Mr. Toews, whose government created the parliamentary budget office to keep an objective eye on spending, suggested that Page fabricated his numbers.
“I don’t know where he’s getting his information from,” Mr. Toews told reporters. “If you indicated he is not getting any information from Correctional Services Canada, he must be making this up, correct?”
Until recently, the government refused to divulge estimates for any law-and-order initiatives, citing cabinet confidence.
Mr. Toews reiterated Tuesday there is no immediate plan to build more prisons and that the government will rely on more double-bunking of prisoners. He added, however, that existing facilities will be expanded and renovated as needed.
“What I can indicate is there will be additional units built in existing facilities and we will do that, but there is no need for additional new prisons at this time,” Mr. Toews told reporters.
Mr. Page’s report notes that federal penitentiaries collectively have 15,000 cells, and currently house about 13,000 inmates. His estimate of new prison costs is based on expansion of current penitentiaries or construction on land that is already government owned.
There is no estimate on the number of extra provincial inmates caught by the new law or provincial facilities that would be needed.
Mr. Toews said the provinces will see a financial benefit from the act because some of the inmates who would have been jailed will now receive longer sentences and be sent to federal prisons, which incarcerates offenders serving terms of at least two years.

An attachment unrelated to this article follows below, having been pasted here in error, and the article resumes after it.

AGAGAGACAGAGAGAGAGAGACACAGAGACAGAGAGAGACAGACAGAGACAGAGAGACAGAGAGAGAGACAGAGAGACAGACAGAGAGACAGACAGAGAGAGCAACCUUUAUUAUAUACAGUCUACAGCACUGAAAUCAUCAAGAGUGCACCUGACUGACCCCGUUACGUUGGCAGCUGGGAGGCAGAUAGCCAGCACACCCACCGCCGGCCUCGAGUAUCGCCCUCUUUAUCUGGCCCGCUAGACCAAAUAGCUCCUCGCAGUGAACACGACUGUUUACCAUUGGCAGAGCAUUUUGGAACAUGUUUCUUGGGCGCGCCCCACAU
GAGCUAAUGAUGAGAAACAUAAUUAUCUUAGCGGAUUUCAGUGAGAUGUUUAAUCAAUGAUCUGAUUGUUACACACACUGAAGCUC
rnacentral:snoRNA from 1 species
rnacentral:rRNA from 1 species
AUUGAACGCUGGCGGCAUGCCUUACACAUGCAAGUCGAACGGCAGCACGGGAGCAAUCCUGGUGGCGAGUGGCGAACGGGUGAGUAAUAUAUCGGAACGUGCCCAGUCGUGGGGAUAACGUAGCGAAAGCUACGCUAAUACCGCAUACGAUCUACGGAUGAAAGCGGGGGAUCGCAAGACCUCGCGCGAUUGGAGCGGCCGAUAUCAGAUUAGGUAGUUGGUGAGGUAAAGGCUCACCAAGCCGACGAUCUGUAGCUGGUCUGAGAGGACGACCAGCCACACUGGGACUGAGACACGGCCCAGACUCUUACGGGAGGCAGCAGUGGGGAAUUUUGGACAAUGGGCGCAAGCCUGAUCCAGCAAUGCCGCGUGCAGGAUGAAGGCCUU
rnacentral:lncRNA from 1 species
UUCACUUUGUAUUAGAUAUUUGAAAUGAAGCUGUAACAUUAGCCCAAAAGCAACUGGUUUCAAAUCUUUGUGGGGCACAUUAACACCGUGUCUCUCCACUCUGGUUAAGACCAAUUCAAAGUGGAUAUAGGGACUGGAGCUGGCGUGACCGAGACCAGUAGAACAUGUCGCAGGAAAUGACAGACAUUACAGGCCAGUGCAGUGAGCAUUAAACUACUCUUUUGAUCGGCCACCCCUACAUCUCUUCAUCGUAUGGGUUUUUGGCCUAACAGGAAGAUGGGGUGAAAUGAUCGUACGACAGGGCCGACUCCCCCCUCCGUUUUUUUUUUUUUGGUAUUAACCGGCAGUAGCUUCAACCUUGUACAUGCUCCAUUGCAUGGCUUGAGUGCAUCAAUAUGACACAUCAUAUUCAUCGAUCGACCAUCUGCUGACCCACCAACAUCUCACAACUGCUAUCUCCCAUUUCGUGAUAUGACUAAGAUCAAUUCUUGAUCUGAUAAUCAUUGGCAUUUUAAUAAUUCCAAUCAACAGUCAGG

He also noted that the federal government’s bid to eliminate the two-for-one credit followed lobbying from the provinces, which supported the bill.
The report acknowledges a spillover of offenders from provincial jails to federal prisons, but it says there will also be an influx of offenders in the provincial system who would have been released following remand by judges who calculated they had already served enough time.
Mr. Page estimates that average sentences will rise from to two years from the current 1.5.
His analysis could reignite a long-standing dispute with provincial governments, which for almost four years have been lobbying for additional federal funding to help pay for Conservative government measures to put more offenders in prisons and jails and to keep them there longer.
“Ontario will continue to do its part, but fully expects measures initiated by the federal government will be accompanied with the resources needed for implementations,” said Laura Blondeau, a spokeswoman for Rick Bartolucci, Ontario minister of correctional services.
Mr. Page’s analysis pegs the total costs of corrections, federally and provincially, at $9.5-billion by 2015-16, up from the current overall spending of $4.4-billion.
“This comprehensive report is a clear indictment of the government’s approach on crime policy,” said Don Davies, NDP public safety critic.
“Spending on crime prevention is going down. The mental-health crisis in our prisons remains untreated. But the government can find $5-billion for prisons.”